A little TL(S)C

When law school began, I will admit, I thought I had everything figured out. I had a coping mechanism toolkit for when things were rough, I drank loads more water than my entry into undergrad (a lesson I will never forget) and I was overall in a very good place. I came to a new state to start over. A complete redo, free from the baggage of the past. And that was a wildly freeing concept.

All of that was also incredibly naive and somewhat short-sighted.

Turns out, law school is where the gaps in my self-care capabilities became glaringly obvious. And for that, I am ever thankful. Because it’s given me an opportunity to fix them. So as I’m sitting here, nursing a stress-migraine, I wanted to reflect on all the really cool things that have changed.

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First, I became a vegan. It’s been something like 6 years since I decided I wanted to be a vegetarian. It’s been a bit of a struggle to wrap my head around it all the time (especially when iron levels are low) but I went about it all wrong. I didn’t focus on complete nutrition, I just focused on not eating meat. And there were days when I *did* eat meat (typically chicken or fish) and yet I still kept going. Because instead of listening to the reasons I couldn’t be a vegetarian, I was the best vegetarian I knew how to be. And that wasn’t good enough. I can’t ignore the crappy way I feel when I eat meat-or to my very wild surprise-the stinky-like-feet smell of dairy. So I’m leaving it behind. It’s a process I started in March, and I’m very nearly at the fully integrated stage. My grocery list contains only plant and plant-based foods, but it’s been fully researched and there are plenty of nutritional changes going on in it as well. I’m looking at plant-based things like mozzarella (because I adore pizza) and vegan sour cream (because baked potatoes).

And in more dietary news, I’m leaving behind heavy carbs. I’ve spent a long part of my life associating heavy carbs with happiness. So soda is going (and soon to be gone) and so are things like pasta, bleached breads and the like. That’s not to say I will be abstaining from all grains-in fact, I will be eating oats, rice, and ethically sourced quinoa, as well as whole grain breads on occasion. But I’m removing them from my grocery list in a big way-so that I can find happiness outside of carbs. And that’s a change I’ve needed to make for ages. I got myself a blender with a to-go attachment, and I will be using it to make all manner of smoothies to stop the unnecessary sugar cravings from that soda.

Image result for self care clip art freeRegular exercise! This one is something I did a lot in high school, but then got to undergrad and lost my sense of self. This summer, in addition to the wild amounts of sun I will be getting (because Topeka apparently never gets rain), I will be devoting each morning to yoga, and most afternoons to swimming. I’ve been at the gym more this semester than I’ve ever been, and I’m rather excited to add some variety.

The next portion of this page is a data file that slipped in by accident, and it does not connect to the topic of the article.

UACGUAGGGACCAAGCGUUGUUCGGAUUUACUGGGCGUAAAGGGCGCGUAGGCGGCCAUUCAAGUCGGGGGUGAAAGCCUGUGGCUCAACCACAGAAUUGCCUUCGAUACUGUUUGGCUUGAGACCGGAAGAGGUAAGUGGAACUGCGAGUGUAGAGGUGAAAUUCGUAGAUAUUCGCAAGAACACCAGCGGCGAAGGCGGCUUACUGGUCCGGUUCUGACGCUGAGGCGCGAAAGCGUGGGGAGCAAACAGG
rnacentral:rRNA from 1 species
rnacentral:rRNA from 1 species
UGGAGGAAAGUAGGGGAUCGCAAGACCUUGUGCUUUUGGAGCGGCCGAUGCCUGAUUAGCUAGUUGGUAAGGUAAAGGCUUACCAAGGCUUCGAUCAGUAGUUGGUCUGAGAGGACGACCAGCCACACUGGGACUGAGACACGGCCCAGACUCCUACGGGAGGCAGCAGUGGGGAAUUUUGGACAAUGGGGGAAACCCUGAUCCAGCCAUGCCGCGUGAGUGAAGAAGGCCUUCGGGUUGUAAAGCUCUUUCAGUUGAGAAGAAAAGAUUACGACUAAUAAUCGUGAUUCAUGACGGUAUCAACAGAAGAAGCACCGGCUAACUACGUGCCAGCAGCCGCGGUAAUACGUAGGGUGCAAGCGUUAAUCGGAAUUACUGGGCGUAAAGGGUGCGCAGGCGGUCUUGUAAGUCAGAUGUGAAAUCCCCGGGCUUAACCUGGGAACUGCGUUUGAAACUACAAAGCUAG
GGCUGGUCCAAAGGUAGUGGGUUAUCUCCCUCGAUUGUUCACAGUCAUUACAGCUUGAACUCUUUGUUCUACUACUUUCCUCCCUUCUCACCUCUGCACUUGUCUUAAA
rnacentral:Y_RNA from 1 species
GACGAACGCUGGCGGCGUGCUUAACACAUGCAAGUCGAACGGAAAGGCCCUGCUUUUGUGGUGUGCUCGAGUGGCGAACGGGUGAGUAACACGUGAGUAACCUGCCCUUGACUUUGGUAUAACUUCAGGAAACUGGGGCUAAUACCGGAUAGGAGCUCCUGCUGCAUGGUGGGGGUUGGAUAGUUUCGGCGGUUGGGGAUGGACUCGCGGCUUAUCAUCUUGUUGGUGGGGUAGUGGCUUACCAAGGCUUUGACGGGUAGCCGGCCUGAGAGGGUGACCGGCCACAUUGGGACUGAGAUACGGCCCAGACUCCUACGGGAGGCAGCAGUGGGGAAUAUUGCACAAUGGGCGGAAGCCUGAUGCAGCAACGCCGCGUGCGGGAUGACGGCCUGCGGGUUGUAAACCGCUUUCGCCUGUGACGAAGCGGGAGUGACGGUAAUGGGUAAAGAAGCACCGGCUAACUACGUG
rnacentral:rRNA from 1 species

I’ll also be meditating every day. As a way to spiritually and mentally ground myself, I have been working towards finding a balance in how I feel and how I am (I know, that sounds a little weird). However, I’m really excited to add this in to my yoga time and really begin to heal from the inside out. To that end, I will also be investing in hobbies this summer. Painting, writing and reading are going to take up a lot of my afternoons, because I’ve neglected those parts of who I am.

In regards to my spiritual self-care, I will be really exploring the different avenues of beliefs, and digging in to the ones I already have. I’ve been pagan for nearly as long as I’ve been a vegetarian, but I want to see if there are things that align better than others. I’ll be sharpening my tarot skills, praying to the ancestors and doing a lot more in the way of sharpening my spiritual skill set.

I’ve re-designed my Etsy shop, and hope to have it up and running soon. I really want to invest in sharing my love of essential oils. While I’m perusing the internet waiting for orders, I’ll be soliciting agents for my NaNo book! This is something I am not new to, but I have been hard at work trying to make the best draft I can.

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All this to say, this summer is about fixing my mental-physical-spiritual health before I begin my social work classes in the fall. I’m considering revamping my YouTube channel to kind of showcase the changes and do some reviews of things I’ll be doing. We’ll see!

Anything you think I’m missing? Anything you’d like to see changed in your own life? Have you made changes and they’ve made your life the better? Let me know below!

Frankly my dear…

I’m a pretty complex creature. I have good days, bad days, days of all kinds of things. I’m an extroverted introvert and I could list a ton of labels that would go on for days. What I wanted to be, for a very long time though, is frank. Just very up-front, not wishy-washy. i want to call things like I see them, and have other people understand it as I meant it.

Which is why I started blogging in the first place. It’s why I tell the hard stories, the ones that are personal, the ones that enrage. Because if no one else will say anything, I have to. And that goes double for the topics I am passionate about: mental health and ending rape culture. This should come as no surprise-I talk about pretty much nothing else.

Something came up recently that crossed my mind and I thought I’d share it here. It’s a mental health blog day, so I want to be upfront with that. I’ll be talking about self-harm (although only about scars-no descriptors or pictures) and I will be talking about moving forward and healing. I’m going to start with the story I just submitted to The Mighty.

“My self image has always been a love-hate relationship. I grew up in a world where a woman who was headstrong, opinionated and loved herself just didn’t exist. That’s not to say that I had no support to be those things, but rather that I listened to everything else. Everything that was telling me how not good enough I was, how unacceptable it was to be me.

“I started self-harming as a freshman in high school. It wasn’t a cry for help, or a plea for death. It was a desperate attempt at a reprieve. I didn’t want to die, I just had no other way of expressing the pain and the level of emotions I felt on the inside. And although my skin has been forgiving, I avoid looking at my arms. I can see each and every scar and I think that hurts more than it did making them. The few people who know say that they can’t really see them, but it doesn’t matter-because I can.

“So I decided I was going to get a really pretty tattoo-something to cover them up. The most of them were on my left arm, so the location choice was easy. I spent weeks designing, critiquing and reworking until I had everything I wanted. It was a beautiful representation, the most lovely piece of artwork I’d ever made. I chose to remind myself that if I am unhappy, I can change. So I made a promise to myself that whenever I was frustrated or I didn’t like the choices I’d made, the situations I was in, I’d move on to something I did love, and that made me happy.